It's Friday night and there's a party going down at The Laurels of Toledo.
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Inside the long-term care facility's brightly lit cafeteria, University of Toledo students Rachel Beeson and Nonso Agubosim cut a rug to the tune of Hey Ya! by the group Outkast. Swaying along with the beat, Catherine Campbell, 92, is firmly parked in her wheelchair on the edge of the makeshift dance floor.
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Nearby, a dozen students man casino games under Las Vegas-themed banners while several others chat with senior citizens at decorated tables. A few of the more adventurous elderly residents are even coaxed into dancing. It's senior prom night for members old and young with the Adopt-A-Grandparent program.
Co-founded by Ms. Beeson in 2013, the budding UT student group pairs two students for each volunteer elderly resident of The Laurels. Students are required to attend a group activity once every four weeks and to visit their adopted grandparent an additional time each month.
For several members, including Ms. Beeson, their participation is deeply personal.
"I realized I wasn't happy because I wasn't helping people," said Ms. Beeson, who is studying to become a physician. "I can make a difference right now."
Initially, Adopt-A-Grandparent consisted mostly of its founders and their friends. By this spring, the group had swelled to 30 members.
Ms. Beeson first thought about creating the program in high school. While working as a nurse's aid in the local facility where her grandmother lived, she noticed many residents had few visitors. She found her own experiences dealing with the elderly to be rewarding and began to think about the advantages of pairing them with student visitors.
Adopt-A-Grandparent's activities director, Angelica Ray, echoed Ms. Beeson's sentiment. When her grandmother was dying of cancer Ms. Ray was away at college, and unable to get home often.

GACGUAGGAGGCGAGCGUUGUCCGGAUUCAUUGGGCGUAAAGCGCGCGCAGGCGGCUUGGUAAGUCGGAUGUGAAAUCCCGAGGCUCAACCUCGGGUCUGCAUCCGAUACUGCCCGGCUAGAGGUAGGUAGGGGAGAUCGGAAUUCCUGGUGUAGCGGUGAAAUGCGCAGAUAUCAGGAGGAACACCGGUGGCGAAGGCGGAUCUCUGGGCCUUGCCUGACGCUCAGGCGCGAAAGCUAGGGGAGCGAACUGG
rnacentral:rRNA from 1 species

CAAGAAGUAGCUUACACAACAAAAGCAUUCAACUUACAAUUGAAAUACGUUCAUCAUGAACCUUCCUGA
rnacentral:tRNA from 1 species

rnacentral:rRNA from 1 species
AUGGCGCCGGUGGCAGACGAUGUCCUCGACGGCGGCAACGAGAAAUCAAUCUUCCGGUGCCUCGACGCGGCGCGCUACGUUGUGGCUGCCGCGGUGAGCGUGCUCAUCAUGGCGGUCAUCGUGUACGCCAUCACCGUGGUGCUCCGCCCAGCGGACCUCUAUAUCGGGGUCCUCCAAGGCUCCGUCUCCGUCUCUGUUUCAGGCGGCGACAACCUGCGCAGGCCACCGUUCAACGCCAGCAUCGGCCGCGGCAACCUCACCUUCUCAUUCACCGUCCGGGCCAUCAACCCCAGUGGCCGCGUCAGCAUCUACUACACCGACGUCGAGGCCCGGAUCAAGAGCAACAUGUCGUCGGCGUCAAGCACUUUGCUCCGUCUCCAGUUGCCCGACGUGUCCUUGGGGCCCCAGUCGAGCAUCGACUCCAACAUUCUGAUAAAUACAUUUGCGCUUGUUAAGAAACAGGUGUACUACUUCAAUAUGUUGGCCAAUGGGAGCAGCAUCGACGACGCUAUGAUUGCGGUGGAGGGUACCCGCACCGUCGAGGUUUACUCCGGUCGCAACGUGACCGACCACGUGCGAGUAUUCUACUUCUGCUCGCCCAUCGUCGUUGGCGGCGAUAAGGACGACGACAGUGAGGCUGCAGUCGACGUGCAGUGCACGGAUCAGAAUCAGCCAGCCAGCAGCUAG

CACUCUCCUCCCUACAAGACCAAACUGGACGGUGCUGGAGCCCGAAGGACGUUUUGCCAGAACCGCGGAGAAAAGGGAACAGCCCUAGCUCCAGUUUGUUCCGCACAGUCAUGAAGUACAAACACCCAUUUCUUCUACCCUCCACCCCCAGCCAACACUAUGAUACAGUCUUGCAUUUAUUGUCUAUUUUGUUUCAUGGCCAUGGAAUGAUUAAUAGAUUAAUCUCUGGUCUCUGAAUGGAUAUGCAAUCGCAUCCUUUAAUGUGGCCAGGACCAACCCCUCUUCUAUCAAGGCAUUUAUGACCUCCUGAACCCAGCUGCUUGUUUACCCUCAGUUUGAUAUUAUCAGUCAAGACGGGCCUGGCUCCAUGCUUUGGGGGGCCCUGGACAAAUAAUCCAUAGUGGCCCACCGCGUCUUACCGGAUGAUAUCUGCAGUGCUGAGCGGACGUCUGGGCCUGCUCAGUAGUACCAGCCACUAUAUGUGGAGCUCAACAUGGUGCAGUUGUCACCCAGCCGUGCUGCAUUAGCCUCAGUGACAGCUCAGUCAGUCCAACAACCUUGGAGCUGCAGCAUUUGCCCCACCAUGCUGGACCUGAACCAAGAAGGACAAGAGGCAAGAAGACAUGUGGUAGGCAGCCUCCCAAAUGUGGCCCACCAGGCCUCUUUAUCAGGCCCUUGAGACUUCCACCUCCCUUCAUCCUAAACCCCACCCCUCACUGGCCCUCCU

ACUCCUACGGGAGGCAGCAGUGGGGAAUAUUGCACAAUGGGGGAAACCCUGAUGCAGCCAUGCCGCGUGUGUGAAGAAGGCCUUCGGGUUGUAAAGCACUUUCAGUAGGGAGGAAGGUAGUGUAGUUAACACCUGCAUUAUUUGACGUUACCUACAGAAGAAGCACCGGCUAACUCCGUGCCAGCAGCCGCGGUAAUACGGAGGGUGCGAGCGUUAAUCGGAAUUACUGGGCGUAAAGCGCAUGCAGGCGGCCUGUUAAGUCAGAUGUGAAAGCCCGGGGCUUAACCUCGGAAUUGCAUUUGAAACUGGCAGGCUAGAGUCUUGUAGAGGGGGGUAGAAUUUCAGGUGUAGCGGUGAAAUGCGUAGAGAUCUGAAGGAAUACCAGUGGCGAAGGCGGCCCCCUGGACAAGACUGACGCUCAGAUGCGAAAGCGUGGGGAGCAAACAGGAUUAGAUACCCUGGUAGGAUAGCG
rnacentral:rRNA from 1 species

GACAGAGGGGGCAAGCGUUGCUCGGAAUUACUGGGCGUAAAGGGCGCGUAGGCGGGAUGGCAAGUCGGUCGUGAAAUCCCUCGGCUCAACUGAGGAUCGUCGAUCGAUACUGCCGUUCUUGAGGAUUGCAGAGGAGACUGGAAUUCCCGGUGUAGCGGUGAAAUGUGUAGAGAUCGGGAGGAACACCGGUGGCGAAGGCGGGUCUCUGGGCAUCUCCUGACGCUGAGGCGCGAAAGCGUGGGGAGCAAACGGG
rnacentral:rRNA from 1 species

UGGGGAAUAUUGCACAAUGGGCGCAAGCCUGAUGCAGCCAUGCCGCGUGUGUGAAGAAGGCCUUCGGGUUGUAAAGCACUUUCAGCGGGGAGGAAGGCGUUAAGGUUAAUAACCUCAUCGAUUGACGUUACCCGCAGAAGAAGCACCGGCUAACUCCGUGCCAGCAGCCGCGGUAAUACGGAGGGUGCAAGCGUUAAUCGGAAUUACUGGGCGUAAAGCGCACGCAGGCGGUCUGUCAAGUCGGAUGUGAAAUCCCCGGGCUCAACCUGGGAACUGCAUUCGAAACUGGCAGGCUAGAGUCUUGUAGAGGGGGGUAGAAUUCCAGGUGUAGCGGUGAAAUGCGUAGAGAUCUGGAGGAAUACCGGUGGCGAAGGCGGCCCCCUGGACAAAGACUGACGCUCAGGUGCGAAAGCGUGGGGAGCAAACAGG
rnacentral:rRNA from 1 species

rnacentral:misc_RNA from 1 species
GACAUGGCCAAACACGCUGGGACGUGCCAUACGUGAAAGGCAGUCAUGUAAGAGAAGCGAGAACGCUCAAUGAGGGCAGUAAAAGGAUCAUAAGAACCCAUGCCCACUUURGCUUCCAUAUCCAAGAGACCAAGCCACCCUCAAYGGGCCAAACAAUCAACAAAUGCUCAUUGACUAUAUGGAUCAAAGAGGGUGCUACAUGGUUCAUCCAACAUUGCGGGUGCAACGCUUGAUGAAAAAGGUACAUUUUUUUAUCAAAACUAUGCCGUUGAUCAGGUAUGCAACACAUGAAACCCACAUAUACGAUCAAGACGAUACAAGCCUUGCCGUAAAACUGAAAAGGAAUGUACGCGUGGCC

"I know that when my grandma was in the nursing home she didn't have many visitors," Ms. Ray said. "I feel like I'm kind of making up for it by being with someone else who needs someone to be there."
Ms. Ray splits her time between an apartment in Toledo and a job near Cleveland, where she often spends weekends. Between school, work, and the commute she squeezes in time to visit with her adopted 100-year-old grandmother, Minnie Chaney.
Ms. Ray says it's the small things with Ms. Chaney that make the biggest impact. She smiles when recalling the time she and fellow student Katina St. Pierre fixed Ms. Chaney's phone, or when the pair brought hand-painted salt shakers as a gift for their adopted grandmother's 100th birthday.
"Everything means so much to her and I love that I can actually see that," Ms. Ray said. "I think that's priceless in itself."
On the Friday of the seniors prom, she borrowed a slot machine from her parents and made the hour-and-a-half-long drive to The Laurels. As Ms. Ray helped the senior citizens work the game, Maryalice Perryman, 68, hit the blackjack table one station over.
Ms. Perryman, a double amputee who has been living at The Laurels since 2010, says she loves the visits from her two adopted grandchildren. The young women often stop by to play cards or board games and occasionally bring a Ms. Perryman a flower.
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"You know, people your own age sometimes can't do the things you want to do," Ms. Perryman said. "They're young and they can, and if I can't they can help me."
Page Rostetter, director of activities for The Laurels, says she's seen a positive change in the residents as a result of their participation in Adopt-A-Grandparent.
"I think that community link is so important," Ms. Rostetter said, adding that she felt the students also benefited from their participation. "It's a good give-and-take situation."
For Eduardo Diaz, an MBA student from Venezuela, the reciprocity of his experience was a welcome surprise.
With three grandparents still living in Venezuela, spending time with his adopted American grandmother, 77-year-old Pauline Baumgartner, was both a new link to Toledo and a remembrance of the relationships Mr. Diaz left behind.
As the unrest in his home country continues, Mr. Diaz said visiting his adopted grandmother was a gift for himself and his fellow Venezuelan-born student, Angelica Da Conceicao.
"It's kind of a relief from our stress," Mr. Diaz said. "It's just a timeout we take to be with her and forget about everything else that is happening.
"When I first joined I thought I was going to give more than what I was going to get," Mr. Diaz said, adding, "but I'm definitely getting more back than what I'm putting in."
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